What to do with your tax refund

Tax time: That interesting time of year when normally smart people start making really dumb financial decisions. Isn’t it amazing what a little extra cash, otherwise known as a tax refund, can do?

Random online polls suggest that 61% of American taxpayers expect that this year they will receive some sort of refund on their returns. While there are plenty of ways to spend money, I thought today would be a good day to review my top five stupid ways to spend a tax refund.


The key word in the term “tax refund” is “refund”! Common synonyms for refund are “refund”, “refund” and “overpayment refund”. Tax refunds are not free money. The government doesn’t give you a bonus every year just to thank you for being so awesome.

It’s money that you’ve allowed them to borrow from you all year. And now, unlike most of your friends or family members, they give you your money back.

It doesn’t matter that you made the loan interest free even if you pay them back with interest from your student loans or credit card accounts. Do you really have enough money to lend to anyone, let alone the government, under these conditions?

Smart solution: If you regularly receive a large tax refund, change your withholding (use this calculator to determine how much you should withhold and instructions on how to change it). Your goal is not to owe or be owed at the end of the year. If you can come within $100 of that goal, you’re golden.


Before you do this – as noble as it may be – you need an emergency fund. If you’re unable to fund your own future emergencies, you’ll never get out of debt because you’ll keep running to credit cards for a bailout.

Smart Measure: Continue to make your regular repayments and use the repayment to build your emergency fund. Then keep adding to it until you reach your goal (enough to live at least three months without pay, or $10,000). You will then be in a great position to pay off your debt quickly and have confidence that you will carry on when life comes.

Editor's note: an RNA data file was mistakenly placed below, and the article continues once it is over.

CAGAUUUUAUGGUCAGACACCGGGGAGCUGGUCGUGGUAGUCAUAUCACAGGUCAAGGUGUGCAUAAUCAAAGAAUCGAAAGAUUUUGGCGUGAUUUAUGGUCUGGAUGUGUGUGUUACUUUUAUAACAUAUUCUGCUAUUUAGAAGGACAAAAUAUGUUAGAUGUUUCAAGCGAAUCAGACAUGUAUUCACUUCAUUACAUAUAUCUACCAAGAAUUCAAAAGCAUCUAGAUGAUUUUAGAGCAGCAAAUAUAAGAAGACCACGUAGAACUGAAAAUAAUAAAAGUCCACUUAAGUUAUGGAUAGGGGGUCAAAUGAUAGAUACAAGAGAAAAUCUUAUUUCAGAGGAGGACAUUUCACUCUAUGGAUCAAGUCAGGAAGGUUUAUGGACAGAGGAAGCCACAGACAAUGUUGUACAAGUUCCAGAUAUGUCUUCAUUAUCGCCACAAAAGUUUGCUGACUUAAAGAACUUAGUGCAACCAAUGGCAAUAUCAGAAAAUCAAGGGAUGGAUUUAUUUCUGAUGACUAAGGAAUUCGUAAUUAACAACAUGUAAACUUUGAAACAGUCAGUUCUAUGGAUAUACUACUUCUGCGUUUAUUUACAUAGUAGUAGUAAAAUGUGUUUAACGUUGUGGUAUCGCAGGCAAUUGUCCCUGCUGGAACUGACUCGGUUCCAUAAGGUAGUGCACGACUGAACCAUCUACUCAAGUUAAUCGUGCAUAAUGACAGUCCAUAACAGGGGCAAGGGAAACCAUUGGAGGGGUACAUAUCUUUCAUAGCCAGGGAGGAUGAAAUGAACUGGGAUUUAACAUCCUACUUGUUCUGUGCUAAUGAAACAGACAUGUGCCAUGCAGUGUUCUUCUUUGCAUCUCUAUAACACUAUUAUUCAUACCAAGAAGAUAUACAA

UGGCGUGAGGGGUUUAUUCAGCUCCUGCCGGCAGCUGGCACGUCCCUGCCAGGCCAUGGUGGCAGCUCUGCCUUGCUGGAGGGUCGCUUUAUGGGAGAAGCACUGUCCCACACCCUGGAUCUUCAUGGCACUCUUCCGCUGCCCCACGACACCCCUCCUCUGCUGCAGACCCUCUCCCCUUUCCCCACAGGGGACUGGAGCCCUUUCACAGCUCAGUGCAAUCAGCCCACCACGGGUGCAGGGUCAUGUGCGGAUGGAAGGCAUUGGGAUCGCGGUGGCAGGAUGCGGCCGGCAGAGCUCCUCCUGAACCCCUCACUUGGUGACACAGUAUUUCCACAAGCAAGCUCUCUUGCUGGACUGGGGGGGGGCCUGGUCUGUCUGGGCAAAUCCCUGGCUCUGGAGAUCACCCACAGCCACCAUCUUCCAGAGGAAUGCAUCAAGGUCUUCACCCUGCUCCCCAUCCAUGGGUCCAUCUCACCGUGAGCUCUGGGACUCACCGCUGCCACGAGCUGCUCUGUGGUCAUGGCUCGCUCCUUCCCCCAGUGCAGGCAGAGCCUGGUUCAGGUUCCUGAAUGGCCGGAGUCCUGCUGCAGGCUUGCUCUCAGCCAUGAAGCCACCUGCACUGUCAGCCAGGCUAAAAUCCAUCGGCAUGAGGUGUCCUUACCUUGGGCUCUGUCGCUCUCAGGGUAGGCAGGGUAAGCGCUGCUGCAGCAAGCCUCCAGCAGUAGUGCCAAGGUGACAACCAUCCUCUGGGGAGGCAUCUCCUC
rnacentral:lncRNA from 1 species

Make a down payment on a car, TV, furniture, or anything else that will turn into new monthly payments, also known as debt.

The burning sensation and feeling of prosperity and wealth inspires people to invest in a new car, a boat, a Disney vacation or whatever. Here’s the thing to remember: After that down payment, you’re still responsible for those pesky monthly payments that last much longer.

Even if you feel good right now, remember that a tax refund only comes once a year. The joy of recovering your overpaid taxes can quickly turn into a nightmare if you’re not careful.

Smart move: Assuming you’re prepared for emergencies, use the refund to clear your bills, not create new ones. Never create ongoing debt with one-time funds.


There’s no doubt that buying new clothes, shoes, electronics, or other cool stuff is a great antidepressant, but that’s stupid. Once that buyer’s euphoria wears off, you’ll be right back where you were – broke but with more stuff.

Smart Travel: Take a brisk walk, spend time with your kids, friends and family doing things that won’t cost you money. Most cities have a large free museum or zoo one day a month. Or go on a picnic; take a bike ride; Explore your own city by searching Google for your city name as well as “Free Attractions” to find all sorts of things to do for free. You will be amazed. And you’ll feel much better too.


It’s an idea, but not a very good one. Money under the mattress earns no interest and is vulnerable to theft and fire. But above all, he is vulnerable to you in a moment of weakness.

Smart Move: Open an online savings account at SmartyPig.com or Ally.com. Deposit your tax refund, then sit back and know it’s safe from you while growing up at the same time.

If you lose your job or have a real financial emergency, you’ll be very glad you were smart with this year’s tax refund.

About Cheapskate Everyday

Mary invites you to visit her at EverydayCheapskate.com, where this column is archived with links and resources for all recommended products and services. Mary invites questions and comments at https://www.everydaycheapskate.com/contact/, “Ask Mary”. Tips can be submitted at tips.everydaycheapskate.com/. This column will answer questions of general interest, but letters cannot be answered individually. Mary Hunt is the founder of EverydayCheapskate.com, a frugal living blog, and the author of the book “Debt-Proof Living”.